• At least ten people were killed after a bomb exploded on a passenger bus in the southern Philippines on Thursday. The bomb comes just two weeks ahead of the local village elections and is thought may be part of an attempt at extortion. The government named a human rights lawyer to head peace talks with Maoists to end more than 40 years of conflict that has killed about 40,000 people. New President Aquino has said his government would negotiate in good faith as peace was needed to lift economic growth and investor confidence.

Central and North Americas

  • Ten people were killed in the latest drug violence in Mexico. Six people were killed after armed men opened fire at a family party in Ciudad Juarez and another four people died in a shootout between marines and drug cartel members in Monterrey. 
  • The Pentagon experienced a temporary lockdown on Tuesday after shots were fired at the building. Authorities are still investigating. The nearly four year long murder and violent crimes case against private security firm Blackwater Worldwide is in collapse. Federal prosecutors are said to have failed to overcome a series of legal hurdles, including the difficulties of obtaining evidence in war zones, gaining proper jurisdiction for prosecution in American civilian courts, and overcoming immunity deals given to defendants by American officials at the scene.

South America

  • Bolivian President Evo Morales signed a deal on Tuesday with Peruvian President Alan Garcia allowing Bolivia to build and operate a small port, making landlocked Bolivia a new maritime nation. The 1.4 sq. mile patch of sand will be leased from Peru for 99 years. 
  • As you can see, my South American section is always a little under-reported. I would love suggestions on media sites covering South American news available in English! If you have a suggestion, please send it to apeaceofconflict@gmail.com or write it in the comments below. Thanks!

Middle East

  • Israel’s coalition government appears to be in danger of collapse following the failing peace talks and controversial “loyalty law”.  On Sunday, Israel supposedly resumed talks with Hamas rulers on the swapping of about 1,000 Palestinian prisoners for a captive Israeli soldier who has been held for more than four years. Two Palestinians were killed in a pre-dawn Israeli air raid north of Gaza City on Sunday, in the latest target of alleged terror operatives. The proposed loyalty oath, deemed racist by many critics, will now apply to all new citizens and not just non-Jews. The redrafting of the oath will have little impact, as it does not address the objections of the Palestinians.
  • The Palestinian leadership is increasingly focusing on how to get international bodies and courts to declare a Palestinian state in the West Bank, Gaza and East Jerusalem. The Palestinians complain that the two-state peace process solution is disappearing, while Israel rejects the move as unacceptable and a violation of the 1993 Oslo accords. Israeli settlers are said to have begun building new homes at an extraordinary pace since the government lifted its moratorium on housing starts, more than four times faster than the last two years. Many of the new homes are also said to be in areas that would more than likely become part of a Palestinian state in any peace scenario.
  • Iran is said to have brokered a critical deal with its Iraqi neighbours that could see a pro-Iranian government installed in the country. The deal involved Syria, Lebanon’s Hezbollah and the highest Shia authorities. On Monday, the Iranian city of Esfahan announced that it was now a crime for women to bicycle, roller-skate, or play volleyball in public.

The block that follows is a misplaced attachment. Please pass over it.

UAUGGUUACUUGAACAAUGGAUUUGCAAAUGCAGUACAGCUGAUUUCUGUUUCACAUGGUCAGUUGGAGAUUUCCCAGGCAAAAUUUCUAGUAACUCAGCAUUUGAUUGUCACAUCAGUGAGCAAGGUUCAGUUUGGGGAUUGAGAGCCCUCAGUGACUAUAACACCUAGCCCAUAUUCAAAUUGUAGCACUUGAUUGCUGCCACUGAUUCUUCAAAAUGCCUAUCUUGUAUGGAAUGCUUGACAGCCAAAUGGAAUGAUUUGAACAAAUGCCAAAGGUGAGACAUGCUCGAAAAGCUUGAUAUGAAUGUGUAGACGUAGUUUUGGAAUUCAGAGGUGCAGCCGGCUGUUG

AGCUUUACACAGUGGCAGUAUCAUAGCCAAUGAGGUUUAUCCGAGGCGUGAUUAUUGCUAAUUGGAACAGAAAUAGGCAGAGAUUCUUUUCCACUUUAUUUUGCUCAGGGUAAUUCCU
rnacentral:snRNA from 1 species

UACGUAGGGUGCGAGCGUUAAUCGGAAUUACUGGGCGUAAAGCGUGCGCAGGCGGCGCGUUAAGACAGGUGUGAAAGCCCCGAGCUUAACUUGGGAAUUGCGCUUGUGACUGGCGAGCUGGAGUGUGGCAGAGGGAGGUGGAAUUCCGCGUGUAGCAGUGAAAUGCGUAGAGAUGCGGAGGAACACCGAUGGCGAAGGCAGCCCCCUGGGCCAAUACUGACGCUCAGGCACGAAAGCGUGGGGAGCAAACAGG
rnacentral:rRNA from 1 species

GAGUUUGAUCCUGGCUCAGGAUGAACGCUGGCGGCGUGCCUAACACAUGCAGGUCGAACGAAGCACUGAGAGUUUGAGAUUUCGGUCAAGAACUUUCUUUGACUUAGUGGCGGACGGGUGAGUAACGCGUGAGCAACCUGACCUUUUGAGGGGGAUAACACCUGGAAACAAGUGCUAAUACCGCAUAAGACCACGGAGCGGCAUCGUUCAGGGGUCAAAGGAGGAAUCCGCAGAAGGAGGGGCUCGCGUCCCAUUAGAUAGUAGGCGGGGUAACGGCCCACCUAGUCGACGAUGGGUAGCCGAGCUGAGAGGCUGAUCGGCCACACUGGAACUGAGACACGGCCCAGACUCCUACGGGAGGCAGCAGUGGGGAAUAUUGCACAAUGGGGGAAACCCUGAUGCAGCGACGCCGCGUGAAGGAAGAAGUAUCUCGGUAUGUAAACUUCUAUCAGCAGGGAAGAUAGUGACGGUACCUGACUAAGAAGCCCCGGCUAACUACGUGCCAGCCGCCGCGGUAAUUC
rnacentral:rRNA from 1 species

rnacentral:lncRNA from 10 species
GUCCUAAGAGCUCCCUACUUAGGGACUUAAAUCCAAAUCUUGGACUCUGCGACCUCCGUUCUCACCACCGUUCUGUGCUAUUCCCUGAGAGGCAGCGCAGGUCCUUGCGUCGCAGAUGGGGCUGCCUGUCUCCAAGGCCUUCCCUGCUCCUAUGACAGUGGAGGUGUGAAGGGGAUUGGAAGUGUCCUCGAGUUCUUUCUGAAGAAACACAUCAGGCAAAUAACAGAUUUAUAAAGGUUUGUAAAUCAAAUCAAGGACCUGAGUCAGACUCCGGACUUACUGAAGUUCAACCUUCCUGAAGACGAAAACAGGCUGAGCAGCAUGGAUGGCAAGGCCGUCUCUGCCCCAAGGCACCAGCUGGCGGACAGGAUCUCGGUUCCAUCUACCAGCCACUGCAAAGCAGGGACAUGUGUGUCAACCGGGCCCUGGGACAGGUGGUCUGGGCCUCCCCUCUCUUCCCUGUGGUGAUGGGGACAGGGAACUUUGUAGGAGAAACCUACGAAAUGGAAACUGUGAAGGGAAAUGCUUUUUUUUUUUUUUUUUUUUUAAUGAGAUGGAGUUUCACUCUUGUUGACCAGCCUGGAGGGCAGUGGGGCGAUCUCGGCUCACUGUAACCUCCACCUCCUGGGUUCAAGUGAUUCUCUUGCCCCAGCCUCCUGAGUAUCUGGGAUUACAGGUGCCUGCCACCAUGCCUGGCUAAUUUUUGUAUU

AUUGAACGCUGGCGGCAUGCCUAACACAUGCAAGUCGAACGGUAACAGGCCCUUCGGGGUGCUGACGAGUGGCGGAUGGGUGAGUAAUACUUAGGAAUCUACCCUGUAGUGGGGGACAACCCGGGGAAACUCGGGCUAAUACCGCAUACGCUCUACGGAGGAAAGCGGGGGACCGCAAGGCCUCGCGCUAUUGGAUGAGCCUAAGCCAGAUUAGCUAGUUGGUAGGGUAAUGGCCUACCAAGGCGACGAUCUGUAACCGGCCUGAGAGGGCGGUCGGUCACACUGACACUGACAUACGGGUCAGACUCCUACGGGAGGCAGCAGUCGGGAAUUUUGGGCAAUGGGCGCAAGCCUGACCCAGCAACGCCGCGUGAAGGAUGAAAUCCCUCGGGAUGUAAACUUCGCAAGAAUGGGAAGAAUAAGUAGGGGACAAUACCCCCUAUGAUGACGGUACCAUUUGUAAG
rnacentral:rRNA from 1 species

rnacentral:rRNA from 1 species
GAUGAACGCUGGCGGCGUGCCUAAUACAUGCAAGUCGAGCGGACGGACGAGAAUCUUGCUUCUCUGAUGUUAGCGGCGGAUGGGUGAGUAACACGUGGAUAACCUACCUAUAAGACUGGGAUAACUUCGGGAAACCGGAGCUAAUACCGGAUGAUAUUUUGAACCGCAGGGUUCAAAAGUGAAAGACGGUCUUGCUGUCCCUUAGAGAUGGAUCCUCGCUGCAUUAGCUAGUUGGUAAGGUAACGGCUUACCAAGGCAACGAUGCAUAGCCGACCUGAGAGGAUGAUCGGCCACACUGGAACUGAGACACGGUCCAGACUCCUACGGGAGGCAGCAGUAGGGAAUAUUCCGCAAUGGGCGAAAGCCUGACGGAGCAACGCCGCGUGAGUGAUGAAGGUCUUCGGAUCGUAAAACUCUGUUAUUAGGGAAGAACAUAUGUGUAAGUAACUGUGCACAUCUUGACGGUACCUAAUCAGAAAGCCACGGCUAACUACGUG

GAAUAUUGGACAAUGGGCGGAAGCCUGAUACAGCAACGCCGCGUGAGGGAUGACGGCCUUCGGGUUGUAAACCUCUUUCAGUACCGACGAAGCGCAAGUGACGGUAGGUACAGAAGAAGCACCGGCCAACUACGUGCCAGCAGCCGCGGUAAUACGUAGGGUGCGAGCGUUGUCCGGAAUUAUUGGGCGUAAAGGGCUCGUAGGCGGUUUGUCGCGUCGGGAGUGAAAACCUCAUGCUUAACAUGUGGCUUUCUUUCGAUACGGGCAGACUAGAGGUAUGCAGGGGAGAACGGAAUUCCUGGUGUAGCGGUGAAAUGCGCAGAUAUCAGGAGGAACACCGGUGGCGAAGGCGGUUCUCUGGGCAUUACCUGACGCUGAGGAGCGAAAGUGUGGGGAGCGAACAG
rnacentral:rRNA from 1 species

• The United Arab Emirates has upheld a law allowing a man to “discipline” his wife and children providing that he does not leave physical marks on their bodies. Scholars differ on what constitutes a “beating” but agree it must not be severe.
  • On Saturday, two mortar rounds landed in southern Baghdad, wounding four; a bomb attached to a vehicle exploded in Balad, wounding four; and two people were wounded when a sticky bomb went off in Baghdad. At least 12 people are said to have been killed after gunmen stormed gold shops in Baghdad and ended up in a gunfight with security forces, police and military on Sunday; a man was killed after a sticky bomb attack on a car in Baghdad; at least six people were wounded, including three government employees, in separate sticky bomb attacks; a roadside bomb killed one soldier in Baaj; a mortar round wounded a father and son in Mosul; and a sticky bomb attack wounded a teenager in Mosul. A roadside bomb in Baghdad, Iraq on Monday morning killed a member of Baghdad’s Provincial Council. Also on Monday, a suicide car bomb exploded near a security patrol west of Mosul, killing one Iraqi soldier and wounding three others; two separate shootings in Diyala Province killed a man and one woman; a magnetic bomb in Baghdad killed one person; and a gunmen opened fire on an army checkpoint, killing one soldier in Mosul. On Tuesday, at least 11 people were killed after blasts ripped through the home of a senior Iraqi police commander in Tikrit; a roadside bomb hit a UN convoy, killing one policement in Najaf; gunmen opened fire on a speeding car killing an off-duty bank guard in Kirkuk; a roadside bomb killed three on a police patrol in Samarra; and a roadside bomb killed two policemen on a roadside patrol in Baghdad while two other bombs planted in buses wounded 15 Iranian pilgrims. On Wednesday, an off-duty border guard, his wife and three other relatives were killed after armed men forced their way into their house in Mosul; police found the body of an unknown man with bullet wounds in Daquq; armed men in a speeding car opened fire and killed a district mayor of Kirkuk; a bomb next to a railway in Mosul wounded two train drivers; a roadside bomb in Baghdad wounded five people; and three people were wounded by a second roadside bomb in Baghdad. On Thursday, a roadside bomb killed a member of a government-backed militia 100 km north of Baghdad and another roadside bomb went off near a police patrol in Baghdad, wounding one policeman and two civilians. On Friday, a sticky bomb killed a militia leader in Garma; gunmen opened fire at a checkpoint wounding two policemen and one soldier in Baghdad; a roadside bomb targeting an Iraqi army patrol killed one civilian in Mosul, while a second roadside bomb killed a soldier; gunmen opened fire at a police checkpoint, killing one policeman in Mosul; and a roadside bomb wounded a young girl west of Mosul.